I remember picking up my first parlay gambling sheet when I was just a junior at Tennessee, barely old enough to get into the bar in which the sheets were freely distributed by the bartender.
I was nervous. It was almost as if I were picking up a shipment from the cartel. However, it was an early 20’s bucket list, so I managed to be bold enough to ask for a sheet, filled it out and actually handed the wrong piece of paper back to the bartender. She laughed and said if I didn’t have the list with the names on it, I wouldn’t know who I was gambling on. Good point. She needed the stub with the numbers that corresponded to the games. I felt about as smart as one of the bowls of generic chex mix that sat on the bar.
I actually won, which was exciting and enticing, so I picked up a few more during the season. I never won again and decided that wasn’t my vice of choice. Times have changed. It’s easier than ever to place a bet on most anything one can imagine.
College students don’t have to go into a seedy bar to pick up a parlay strip any longer. They can just download an app. That’s scary easy. Gambling is legal everywhere and there is no question that student athletes in college are aware of that.
We’ve seen recent gambling issues at Alabama, Iowa and Iowa State. Trust me. The NCAA is more nervous than Donald Trump in a tax audit. There will be a major gambling scandal in college sports. It’s just a matter of time. Tennessee needs to be as concerned as anyone.
Many don’t know that Knoxville was a huge gambling city in the 1970’s and 1980’s. If you knew the right people, you knew there were secret poker rooms in every area of town. As for sports, Tennessee’s fans have moved the gambling line by heavy betting on the Vols on countless occasions.
When Tennessee was at its best in the 1990’s and for portions of the 2000’s, fans weren’t happy just beating a lessor opponent. It was almost as important to cover the 40-point spread.
Gambling is now the biggest threat to any sport since it’s so easy and convenient. College athletes are the easiest to approach since they aren’t as insulated as professional athletes.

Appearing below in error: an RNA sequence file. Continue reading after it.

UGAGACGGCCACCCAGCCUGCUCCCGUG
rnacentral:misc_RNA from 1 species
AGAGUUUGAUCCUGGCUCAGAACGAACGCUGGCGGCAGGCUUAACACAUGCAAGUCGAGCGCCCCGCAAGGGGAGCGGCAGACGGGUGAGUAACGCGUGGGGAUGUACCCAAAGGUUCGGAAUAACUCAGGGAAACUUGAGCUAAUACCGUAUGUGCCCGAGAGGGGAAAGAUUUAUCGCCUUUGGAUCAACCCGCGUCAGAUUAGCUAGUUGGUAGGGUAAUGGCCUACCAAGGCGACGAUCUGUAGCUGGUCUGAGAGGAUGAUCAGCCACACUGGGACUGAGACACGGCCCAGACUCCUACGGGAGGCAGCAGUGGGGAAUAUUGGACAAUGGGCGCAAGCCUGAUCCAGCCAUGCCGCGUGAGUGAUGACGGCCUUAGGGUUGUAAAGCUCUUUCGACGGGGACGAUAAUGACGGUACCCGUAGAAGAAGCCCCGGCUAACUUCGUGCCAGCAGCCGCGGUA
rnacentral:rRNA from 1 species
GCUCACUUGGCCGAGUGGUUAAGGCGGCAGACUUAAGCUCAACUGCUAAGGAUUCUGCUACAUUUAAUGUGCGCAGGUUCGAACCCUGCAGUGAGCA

What would the NCAA’s response to a major gambling scandal be? Well, if it’s big enough, it could mean the worst. There could be a death penalty type of reaction like SMU received in the 1980’s for paying players, which is just a part of business nowadays. SMU was a national championship contender. Now, the school still plays football, but things have never been the same.
The NCAA, which recently beefed up its enforcement department, will make an example of some school in the near future, just like it did against SMU. No one wants to be that school.
The other scary aspect of the current collegiate sports environment is that players have disposable income via NIL. They don’t have to spend their last five dollars on a parlay ticket and skip a meal. They have cash in their pocket, but everyone wants more.
Let’s be clear. The clock is ticking on a gambling scandal that could destroy a college athletics program. While apps might seem anonymous, gambling trends are easy to spot and technology makes it easier to find gamblers.
Tennessee and every school had best address the issue. Otherwise, schools will be risking it all simply out of inaction of just plain ignorance. That’s a big gamble.